Searching over 5,500,000 cases.


searching
Buy This Entire Record For $7.95

Download the entire decision to receive the complete text, official citation,
docket number, dissents and concurrences, and footnotes for this case.

Learn more about what you receive with purchase of this case.

League of Women Voters of Florida v. Scott

Supreme Court of Florida

December 14, 2017

LEAGUE OF WOMEN VOTERS OF FLORIDA, et al., Petitioners,
v.
RICK SCOTT, GOVERNOR, Respondent.

         NOT FINAL UNTIL TIME EXPIRES TO FILE REHEARING MOTION, AND IF FILED, DETERMINED.

         Original Proceeding - Quo Warranto

          John S. Mills, Thomas D. Hall, Courtney Brewer, and Andrew D. Manko, The Mills Firm, P.A., Tallahassee, Florida, for Petitioner

          Daniel E. Nordby, General Counsel, John P. Heekin, Meredith L. Sasso, Peter L. Penrod, and John MacIver, Assistant General Counsel, Executive Office of the Governor, Tallahassee, Florida; for Respondent

          PER CURIAM.

         This case is before the Court on the petition of the League of Women Voters of Florida (the League) for a writ of quo warranto. Because the issue presented is not ripe for consideration, we dismiss the petition.

         The League asks this Court to issue a writ of quo warranto against Governor Rick Scott prohibiting him from "filling any judicial vacancies on Florida's appellate courts that occur due to terms expiring in January 2019." The League's basis for filing the petition is Governor Scott's December 2016 announcement of intent to appoint the replacements for three justices of this Court. However, use of the writ to address prospective conduct is not appropriate.

         Quo warranto is used "to determine whether a state officer or agency has improperly exercised a power or right derived from the State, " Fla. House of Representatives v. Crist, 999 So.2d 601, 607 (Fla. 2008) (emphasis added), and the history of the extraordinary writ reflects that petitions for relief in quo warranto are properly filed only after a public official has acted.[1] In Swoope v. City of New Smyrna, 125 So. 371 (Fla. 1929), we explained that a challenge to an individual's exercise of official authority

will not be determined by bill in chancery, such a case being regarded as appropriately falling within the jurisdiction of the common law courts by proceedings in quo warranto. And since this remedy is applicable the moment an office or franchise is usurped, an injunction will not lie to prevent the usurpation, even though the respondent has not yet entered upon the office or assumed to exercise its functions. In such case the party aggrieved should wait until an actual usurpation has occurred, and then seek his remedy in quo warranto.

Id. at 372 (quoting MacDonald v. Rehrer, 22 Fla. 198, 205-06 (1886)) (emphasis added); see also MacDonald, 22 Fla. at 206 (explaining that quo warranto is "to be invoked after entry into, or exercise of authority under [a public official's] appointment" (second emphasis added)). A party must wait until a government official has acted before seeking relief pursuant to quo warranto because a threatened exercise of power which is allegedly outside of that public official's authority may not ultimately occur. To address whether quo warranto relief is warranted under such premature circumstances would amount to an impermissible advisory opinion based upon hypothetical facts.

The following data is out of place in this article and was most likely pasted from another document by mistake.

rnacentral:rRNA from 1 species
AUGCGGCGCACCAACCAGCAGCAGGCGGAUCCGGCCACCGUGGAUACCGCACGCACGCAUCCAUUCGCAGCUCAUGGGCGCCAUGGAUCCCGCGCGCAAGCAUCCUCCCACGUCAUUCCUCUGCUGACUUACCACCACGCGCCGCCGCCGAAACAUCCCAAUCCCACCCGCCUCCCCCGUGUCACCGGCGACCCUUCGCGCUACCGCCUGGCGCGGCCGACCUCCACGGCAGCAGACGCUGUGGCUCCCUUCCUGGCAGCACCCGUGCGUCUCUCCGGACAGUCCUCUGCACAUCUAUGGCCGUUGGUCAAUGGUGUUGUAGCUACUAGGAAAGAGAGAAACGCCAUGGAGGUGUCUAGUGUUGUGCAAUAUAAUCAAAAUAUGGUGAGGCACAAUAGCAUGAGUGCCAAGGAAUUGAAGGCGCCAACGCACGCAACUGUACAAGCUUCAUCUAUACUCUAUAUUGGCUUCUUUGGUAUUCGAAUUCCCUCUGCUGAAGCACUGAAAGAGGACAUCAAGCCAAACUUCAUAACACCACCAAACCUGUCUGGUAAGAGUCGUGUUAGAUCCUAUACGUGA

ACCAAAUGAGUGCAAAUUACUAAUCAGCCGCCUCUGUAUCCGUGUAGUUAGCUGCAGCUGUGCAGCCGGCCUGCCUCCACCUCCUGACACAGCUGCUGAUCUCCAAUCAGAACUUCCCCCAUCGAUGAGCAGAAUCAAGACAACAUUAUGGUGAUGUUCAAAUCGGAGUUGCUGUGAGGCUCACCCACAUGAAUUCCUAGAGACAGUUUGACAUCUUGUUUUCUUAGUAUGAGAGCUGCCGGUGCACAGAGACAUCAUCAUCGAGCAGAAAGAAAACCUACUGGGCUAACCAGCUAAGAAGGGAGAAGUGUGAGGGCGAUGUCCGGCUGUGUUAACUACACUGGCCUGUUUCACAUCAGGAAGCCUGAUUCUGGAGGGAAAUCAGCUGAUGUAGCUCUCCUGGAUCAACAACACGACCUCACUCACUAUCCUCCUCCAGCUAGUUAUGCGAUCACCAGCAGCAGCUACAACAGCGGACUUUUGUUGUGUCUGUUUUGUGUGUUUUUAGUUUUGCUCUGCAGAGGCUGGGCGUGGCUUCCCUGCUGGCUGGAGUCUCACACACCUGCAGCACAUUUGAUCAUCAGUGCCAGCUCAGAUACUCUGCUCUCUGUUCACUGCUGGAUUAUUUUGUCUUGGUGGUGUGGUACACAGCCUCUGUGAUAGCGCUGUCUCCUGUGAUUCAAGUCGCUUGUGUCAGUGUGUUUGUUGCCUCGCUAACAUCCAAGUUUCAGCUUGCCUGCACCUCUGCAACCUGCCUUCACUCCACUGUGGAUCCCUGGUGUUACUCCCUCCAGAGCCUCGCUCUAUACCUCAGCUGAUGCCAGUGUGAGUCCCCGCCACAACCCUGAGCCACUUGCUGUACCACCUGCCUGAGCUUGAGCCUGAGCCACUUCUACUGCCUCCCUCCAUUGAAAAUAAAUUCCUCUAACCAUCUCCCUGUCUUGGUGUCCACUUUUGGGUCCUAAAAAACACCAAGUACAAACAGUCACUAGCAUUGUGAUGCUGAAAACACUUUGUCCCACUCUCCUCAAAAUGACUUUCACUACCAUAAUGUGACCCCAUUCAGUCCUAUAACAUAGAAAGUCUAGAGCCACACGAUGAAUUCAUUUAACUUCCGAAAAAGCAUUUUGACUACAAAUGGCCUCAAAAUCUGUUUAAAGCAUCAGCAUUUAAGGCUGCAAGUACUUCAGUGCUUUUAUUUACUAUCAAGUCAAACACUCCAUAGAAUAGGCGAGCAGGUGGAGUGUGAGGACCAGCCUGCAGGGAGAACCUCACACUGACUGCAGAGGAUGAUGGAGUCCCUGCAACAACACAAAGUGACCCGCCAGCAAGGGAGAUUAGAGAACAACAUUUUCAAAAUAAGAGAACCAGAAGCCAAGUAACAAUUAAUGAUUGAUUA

We previously considered whether issuance of the writ was appropriate in situations where the state officer or agency had already acted. For example, in Whiley v. Scott, 79 So.3d 702, 705 (Fla. 2011), we reviewed a completed action, in that the challenged executive order had already been issued. The same is true of State ex rel. Butterworth v. Kenny, 714 So.2d 404, 406 (Fla. 1998), receded from on other grounds by Darling v. State, 45 So.3d 444 (Fla. 2010), where we considered the authority of the Office of the Capital Collateral Regional Counsel for the Northern and Southern Regions to represent death row inmates in civil rights actions.[2] Most recently, in Ayala v. Scott, 224 So.3d 755, 756-57 (Fla. 2017), we held that quo warranto was an appropriate vehicle for the state attorney for the Ninth Judicial Circuit to challenge a series of executive orders that reassigned the prosecution of a number of pending death-penalty eligible cases to the state attorney of another judicial circuit.

         Although Governor Scott announced his intent to appoint the replacements for three justices of this Court, clearly no appointments have been made. To use quo warranto to review an action which is merely contemplated but not consummated, as in the present case, would require this Court to depart from the historical application of the writ. This we decline to do. Until some action is taken by the Governor, the matter the League seeks to have resolved is not ripe, and this Court lacks jurisdiction to determine whether quo warranto relief is warranted.

         Based upon the foregoing, the petition is hereby dismissed.

         It is so ordered.

          LABARGA, C.J., and CANADY, POLSTON, and LAWSON, JJ., concur.

          QUINCE, J., concurs in result only with an opinion, in which ...


Buy This Entire Record For $7.95

Download the entire decision to receive the complete text, official citation,
docket number, dissents and concurrences, and footnotes for this case.

Learn more about what you receive with purchase of this case.